Gov. Jay Inslee delivered his third inaugural speech Wednesday, praising Washington residents for their resiliency and striking an optimistic note for the future.
“We have seen remarkable heroism, diligence, and a stalwart commitment in our frontline workers,” Inslee said. “And we have seen it in all Washingtonians … as (our) state is a resilient state, we know how to recover.”
Inslee listed key issues he believes lawmakers must address during the legislative session that opened on Jan. 11. They included COVID-19, climate change, healthcare, education and affordable housing.
The big-picture, pre-recorded speech didn’t include many details, including specifics on budget spending or COVID-19 vaccine accumulation and distribution.
A majority of his remarks centered around examples of resilience shown by Washingtonians across the state throughout the pandemic.
“When dozens of their colleagues were out due to COVID-19 quarantine, (Cindy Frank) kept working night and day, caring for a floor of 28 patients with limited staffing,” Inslee said of Frank, a registered nurse in Bremerton.
And in Ferndale, employee-owned shoe company Superfeet shifted their 3-D printing expertise toward personal protective equipment for medical workers. The company set a goal of producing 30,000 units.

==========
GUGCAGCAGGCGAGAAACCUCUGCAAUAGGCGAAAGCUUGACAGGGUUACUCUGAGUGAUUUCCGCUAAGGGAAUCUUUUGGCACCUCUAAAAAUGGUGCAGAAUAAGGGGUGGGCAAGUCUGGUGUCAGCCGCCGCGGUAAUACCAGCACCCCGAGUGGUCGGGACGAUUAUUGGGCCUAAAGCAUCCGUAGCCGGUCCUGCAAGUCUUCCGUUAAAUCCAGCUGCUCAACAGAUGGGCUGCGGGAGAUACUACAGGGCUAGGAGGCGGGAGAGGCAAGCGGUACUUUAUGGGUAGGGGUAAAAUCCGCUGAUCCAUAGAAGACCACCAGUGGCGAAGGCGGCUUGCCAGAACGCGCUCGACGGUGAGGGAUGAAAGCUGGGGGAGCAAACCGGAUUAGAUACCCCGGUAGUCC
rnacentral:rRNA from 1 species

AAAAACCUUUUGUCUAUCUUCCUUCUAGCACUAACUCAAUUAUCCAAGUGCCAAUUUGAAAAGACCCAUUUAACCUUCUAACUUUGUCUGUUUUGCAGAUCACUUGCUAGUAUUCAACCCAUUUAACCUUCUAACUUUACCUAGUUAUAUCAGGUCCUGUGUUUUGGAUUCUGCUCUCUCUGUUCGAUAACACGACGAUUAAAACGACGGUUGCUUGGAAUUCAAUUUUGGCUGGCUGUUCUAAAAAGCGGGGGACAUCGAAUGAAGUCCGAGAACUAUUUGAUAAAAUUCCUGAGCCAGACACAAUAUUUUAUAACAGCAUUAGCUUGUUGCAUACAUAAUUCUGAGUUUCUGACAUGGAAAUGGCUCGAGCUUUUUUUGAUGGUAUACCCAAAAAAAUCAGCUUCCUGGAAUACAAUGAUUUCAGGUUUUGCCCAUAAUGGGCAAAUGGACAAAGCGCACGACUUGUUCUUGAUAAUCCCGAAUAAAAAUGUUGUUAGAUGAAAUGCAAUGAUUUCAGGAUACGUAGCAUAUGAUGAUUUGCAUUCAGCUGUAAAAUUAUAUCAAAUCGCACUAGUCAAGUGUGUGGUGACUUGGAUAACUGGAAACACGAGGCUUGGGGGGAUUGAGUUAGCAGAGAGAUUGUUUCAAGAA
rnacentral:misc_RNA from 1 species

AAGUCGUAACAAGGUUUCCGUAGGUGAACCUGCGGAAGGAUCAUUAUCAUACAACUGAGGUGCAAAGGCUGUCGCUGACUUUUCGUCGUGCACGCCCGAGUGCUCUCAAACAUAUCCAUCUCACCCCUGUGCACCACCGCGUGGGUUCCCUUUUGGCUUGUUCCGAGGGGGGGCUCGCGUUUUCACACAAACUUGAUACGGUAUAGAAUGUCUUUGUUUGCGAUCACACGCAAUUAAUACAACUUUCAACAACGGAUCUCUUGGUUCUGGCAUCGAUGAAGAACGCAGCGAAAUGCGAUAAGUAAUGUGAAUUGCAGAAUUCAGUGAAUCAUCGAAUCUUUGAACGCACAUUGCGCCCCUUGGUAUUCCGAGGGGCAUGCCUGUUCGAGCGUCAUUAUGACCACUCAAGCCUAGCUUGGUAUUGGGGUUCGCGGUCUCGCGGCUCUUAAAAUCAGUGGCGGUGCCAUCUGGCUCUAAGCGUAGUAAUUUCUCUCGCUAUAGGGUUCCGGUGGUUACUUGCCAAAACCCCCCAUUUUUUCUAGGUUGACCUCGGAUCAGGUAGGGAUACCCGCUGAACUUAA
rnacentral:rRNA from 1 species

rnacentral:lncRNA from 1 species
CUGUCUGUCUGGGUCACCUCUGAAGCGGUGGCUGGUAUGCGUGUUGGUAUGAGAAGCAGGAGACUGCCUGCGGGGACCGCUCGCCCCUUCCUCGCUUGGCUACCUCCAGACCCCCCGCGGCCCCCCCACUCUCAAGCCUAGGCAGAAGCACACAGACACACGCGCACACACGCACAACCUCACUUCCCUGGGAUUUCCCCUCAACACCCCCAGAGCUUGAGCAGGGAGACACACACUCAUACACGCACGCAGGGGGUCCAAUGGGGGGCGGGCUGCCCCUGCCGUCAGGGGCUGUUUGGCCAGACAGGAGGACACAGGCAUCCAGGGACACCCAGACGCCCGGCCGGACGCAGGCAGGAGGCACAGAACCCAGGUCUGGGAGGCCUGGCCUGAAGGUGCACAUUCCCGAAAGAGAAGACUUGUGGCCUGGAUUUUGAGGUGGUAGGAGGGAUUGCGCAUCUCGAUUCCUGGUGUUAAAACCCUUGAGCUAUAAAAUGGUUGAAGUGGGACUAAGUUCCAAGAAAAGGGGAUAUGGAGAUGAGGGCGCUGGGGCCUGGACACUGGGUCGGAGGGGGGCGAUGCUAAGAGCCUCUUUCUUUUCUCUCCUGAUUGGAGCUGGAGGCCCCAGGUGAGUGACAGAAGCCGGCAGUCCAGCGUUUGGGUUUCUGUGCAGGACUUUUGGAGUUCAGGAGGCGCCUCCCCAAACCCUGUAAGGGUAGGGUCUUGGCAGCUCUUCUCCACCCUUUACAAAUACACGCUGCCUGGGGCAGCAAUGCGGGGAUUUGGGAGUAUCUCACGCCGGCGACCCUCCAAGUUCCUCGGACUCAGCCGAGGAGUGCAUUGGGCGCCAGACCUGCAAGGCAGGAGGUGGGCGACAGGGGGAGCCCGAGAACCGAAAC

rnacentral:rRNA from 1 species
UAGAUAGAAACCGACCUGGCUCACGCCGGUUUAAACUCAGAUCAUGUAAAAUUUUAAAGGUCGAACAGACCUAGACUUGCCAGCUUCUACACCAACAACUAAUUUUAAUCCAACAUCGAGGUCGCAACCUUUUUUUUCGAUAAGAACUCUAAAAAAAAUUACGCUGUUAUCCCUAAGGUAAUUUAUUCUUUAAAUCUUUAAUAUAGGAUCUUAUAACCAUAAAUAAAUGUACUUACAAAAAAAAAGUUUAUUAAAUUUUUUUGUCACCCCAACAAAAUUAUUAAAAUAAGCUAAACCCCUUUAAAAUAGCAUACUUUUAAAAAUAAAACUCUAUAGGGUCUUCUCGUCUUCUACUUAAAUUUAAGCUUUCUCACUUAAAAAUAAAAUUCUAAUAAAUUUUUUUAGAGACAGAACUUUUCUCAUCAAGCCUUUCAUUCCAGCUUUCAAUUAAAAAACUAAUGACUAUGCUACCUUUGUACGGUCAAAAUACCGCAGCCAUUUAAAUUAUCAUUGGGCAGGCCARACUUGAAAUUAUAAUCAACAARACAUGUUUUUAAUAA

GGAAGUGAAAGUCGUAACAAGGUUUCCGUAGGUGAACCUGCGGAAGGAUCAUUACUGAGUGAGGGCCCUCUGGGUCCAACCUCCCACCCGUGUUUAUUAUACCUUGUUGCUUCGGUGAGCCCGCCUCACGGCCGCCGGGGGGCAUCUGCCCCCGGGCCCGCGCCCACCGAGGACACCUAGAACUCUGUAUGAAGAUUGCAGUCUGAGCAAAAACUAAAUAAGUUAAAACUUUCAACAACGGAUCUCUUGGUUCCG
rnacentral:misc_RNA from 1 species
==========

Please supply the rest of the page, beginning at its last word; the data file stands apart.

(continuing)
“They blew right past that estimate,” Inslee exclaimed. “They made close to 50,000 respirator hoods for their local hospital network … then they supplied 450,000 medical gowns.”
COVID-19 relief for small businesses and employees across the state are key to rebuilding the economy, Inslee said.
“It’s why I want to waive increases on the unemployment tax on businesses that never foresaw the mass layoffs that came with this pandemic,” Inslee said.
“We’re going to keep supporting small businesses with every resource at our disposal.”
One of these resources would be “fighting the federal government” for more funding and working with lawmakers to deliver financial assistance quickly, he said.
Inslee also spotlighted the way the pandemic exacerbated uneven access to educational resources among state residents and increased housing insecurity for the many who have lost work over the last 12 months.
“We should stand in solidarity with people who live in unsafe or inadequate housing,” Inslee said. “Because we know our fellow Washingtonians are more likely to succeed when they have stable housing.”
The start of the NHL season also seemed to be on Inslee’s mind. He shouted out the Kraken’s Climate Pledge Arena in Seattle, a world-first carbon-neutral stadium, as an example of the state’s vanguard efforts to combat climate change.
Inslee closed his address with a quote from Abraham Lincoln. “The fiery trial through which we pass, will light us down, in honor or dishonor, to the latest generation,” he said.
He expressed confidence residents would come together to help each other move forward as one.
“We are in solidarity,” he said. “And at the end of the day, we have each other.”